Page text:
Last year I was delighted when, thanks to players of People’s Postcode Lottery, we were able to provide funding for an initiative to help protect endangered turtles in an area known as the “jewel of Africa”.
Working with local communities and WWF’s conservation staff on the ground in Lamu, Kenya, the support we receive from people across Scotland is helping us protect a species which has been on the planet for more than 100 million years.
So why Lamu? Well its home to half of all turtle nests along the Kenyan coastline, and thanks to the additional funding we have been able to scale up our marine turtle conservation work in the region. Since becoming involved in the project, I have learned how important this work is – climate change, the development of a major shipping port and unsustainable fishing practices are putting the turtles, one of nature’s true survivors, in danger. We need to protect turtles as they’re important predators that help to keep marine food chains healthy. For instance, hawksbill turtles play an important role in protecting coral reefs by eating marine sponges, which would otherwise out-compete reef-building corals. Similarly, by grazing on seagrass beds, turtles keep them clipped and healthy. The leatherback turtle is a major predator of jellyfish, which eat fish larvae – so having turtles around helps stop jellyfish from depleting fish stocks.
Now is a critical time for the turtles as March to August is the peak nesting season in Lamu. My colleagues, plus a team of volunteers, are working tirelessly night and day to help protect adult female turtles, nests and hatchlings. So far they have recorded over 100 nests, including a hawksbill nest and green turtle nests. When you think only one in a thousand newly hatched turtles survive to adulthood, it becomes clear how important it is that efforts are increased to protect them.
As well as safeguarding the nests, the team works to raise awareness of the ecological and cultural importance of turtles, and makes sure local indigenous knowledge is recorded. Staff and local volunteers also collect and analyse data on turtle activity, as well as forming beach patrols to keep the area clean and free any turtles accidentally caught in fishing nets.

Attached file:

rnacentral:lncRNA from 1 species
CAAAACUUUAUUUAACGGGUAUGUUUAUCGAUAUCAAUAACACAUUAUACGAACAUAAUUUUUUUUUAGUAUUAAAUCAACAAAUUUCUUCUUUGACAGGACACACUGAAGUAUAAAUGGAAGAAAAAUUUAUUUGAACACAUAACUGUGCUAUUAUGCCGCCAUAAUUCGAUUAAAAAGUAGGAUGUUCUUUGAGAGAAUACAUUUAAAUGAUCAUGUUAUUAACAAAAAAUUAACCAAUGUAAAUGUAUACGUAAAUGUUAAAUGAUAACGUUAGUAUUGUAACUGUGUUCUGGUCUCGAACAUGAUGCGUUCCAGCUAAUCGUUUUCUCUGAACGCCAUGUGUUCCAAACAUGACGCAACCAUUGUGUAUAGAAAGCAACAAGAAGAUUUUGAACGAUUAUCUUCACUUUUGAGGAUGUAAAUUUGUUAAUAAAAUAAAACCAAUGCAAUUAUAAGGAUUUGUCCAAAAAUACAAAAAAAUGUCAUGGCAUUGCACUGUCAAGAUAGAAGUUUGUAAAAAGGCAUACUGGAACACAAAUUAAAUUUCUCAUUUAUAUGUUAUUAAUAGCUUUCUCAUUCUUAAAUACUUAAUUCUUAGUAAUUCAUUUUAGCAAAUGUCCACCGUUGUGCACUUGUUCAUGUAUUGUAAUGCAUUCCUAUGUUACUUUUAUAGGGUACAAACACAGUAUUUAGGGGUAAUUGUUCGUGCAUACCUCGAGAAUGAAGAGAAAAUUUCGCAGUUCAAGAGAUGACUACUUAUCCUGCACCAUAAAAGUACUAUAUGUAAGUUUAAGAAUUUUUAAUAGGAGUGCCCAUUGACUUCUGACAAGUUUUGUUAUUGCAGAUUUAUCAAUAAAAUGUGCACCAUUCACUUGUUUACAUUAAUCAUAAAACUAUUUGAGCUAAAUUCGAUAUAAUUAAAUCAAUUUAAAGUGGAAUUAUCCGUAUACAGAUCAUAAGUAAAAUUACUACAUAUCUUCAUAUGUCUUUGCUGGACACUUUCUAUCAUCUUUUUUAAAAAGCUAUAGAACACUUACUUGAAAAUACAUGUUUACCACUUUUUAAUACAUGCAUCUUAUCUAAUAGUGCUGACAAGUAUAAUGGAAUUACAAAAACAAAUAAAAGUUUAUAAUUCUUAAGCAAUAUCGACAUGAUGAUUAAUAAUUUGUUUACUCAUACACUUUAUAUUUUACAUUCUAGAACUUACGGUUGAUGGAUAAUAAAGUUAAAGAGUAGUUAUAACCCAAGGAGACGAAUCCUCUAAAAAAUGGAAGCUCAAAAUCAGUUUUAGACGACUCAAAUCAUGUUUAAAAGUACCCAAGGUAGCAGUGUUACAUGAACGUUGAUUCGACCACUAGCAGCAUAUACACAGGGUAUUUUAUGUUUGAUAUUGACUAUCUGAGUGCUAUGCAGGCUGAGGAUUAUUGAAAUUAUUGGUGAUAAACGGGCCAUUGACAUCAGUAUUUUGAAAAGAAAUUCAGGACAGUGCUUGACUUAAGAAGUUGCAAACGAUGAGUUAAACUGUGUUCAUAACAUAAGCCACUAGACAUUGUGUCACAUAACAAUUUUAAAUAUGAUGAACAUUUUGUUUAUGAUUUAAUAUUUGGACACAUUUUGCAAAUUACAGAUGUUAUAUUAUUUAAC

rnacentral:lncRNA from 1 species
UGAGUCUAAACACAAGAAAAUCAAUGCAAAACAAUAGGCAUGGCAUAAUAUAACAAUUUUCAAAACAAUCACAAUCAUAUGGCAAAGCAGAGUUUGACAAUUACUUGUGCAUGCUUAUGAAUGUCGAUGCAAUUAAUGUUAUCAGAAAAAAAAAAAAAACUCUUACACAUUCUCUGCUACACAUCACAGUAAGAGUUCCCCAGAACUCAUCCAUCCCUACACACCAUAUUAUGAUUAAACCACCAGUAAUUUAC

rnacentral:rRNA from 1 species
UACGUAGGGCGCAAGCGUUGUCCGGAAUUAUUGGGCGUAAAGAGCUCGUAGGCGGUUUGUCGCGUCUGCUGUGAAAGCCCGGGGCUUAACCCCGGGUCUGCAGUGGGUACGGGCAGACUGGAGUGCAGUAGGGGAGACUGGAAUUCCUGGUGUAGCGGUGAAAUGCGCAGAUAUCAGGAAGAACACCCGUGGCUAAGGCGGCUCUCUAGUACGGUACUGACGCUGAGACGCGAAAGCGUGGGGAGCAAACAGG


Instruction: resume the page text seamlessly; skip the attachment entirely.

Not only does this link between Scotland and Lamu help ensure this vital work can continue, but there are other links too. These majestic creatures are no strangers to our seas. Giant leatherback turtles have been known to find their way to Scottish waters, creating a lot of excitement when they do. We know that the public of Scotland will welcome the fact that there’s now a Scots-backed project that’s designed to help these and other marine wildlife.
TV presenter and WWF ambassador Simon Reeve has visited the seascape around Lamu and has spoken of his passion for it, and his desire to help ensure turtles continue to play their important role in maintaining the health of the coral reef habitat. He reported that during a visit to Lamu while travelling around the Indian Ocean for a BBC TV series he was absolutely blown away by the beauty and history of the place. But despite the issues facing the people and nature of the Lamu seascape, his message to supporters of our work there is one of hope. I could not agree more with Simon. We must all strive to protect our natural world on behalf of all those who depend on it or love it, and – of course – for the benefit of future generations as well.
Over the past five years WWF Scotland has received over £1m from players of People’s Postcode Lottery for our work on climate change and marine issues both here and abroad.
• Lang Banks is director WWF Scotland www.wwf.org.uk/scotland For more information about WWF’s work in the Lamu seascape, follow the blog from WWF-Kenya’s Mike Olendo: https://blogs.wwf.org.uk/biographies/mike-izava-olendo/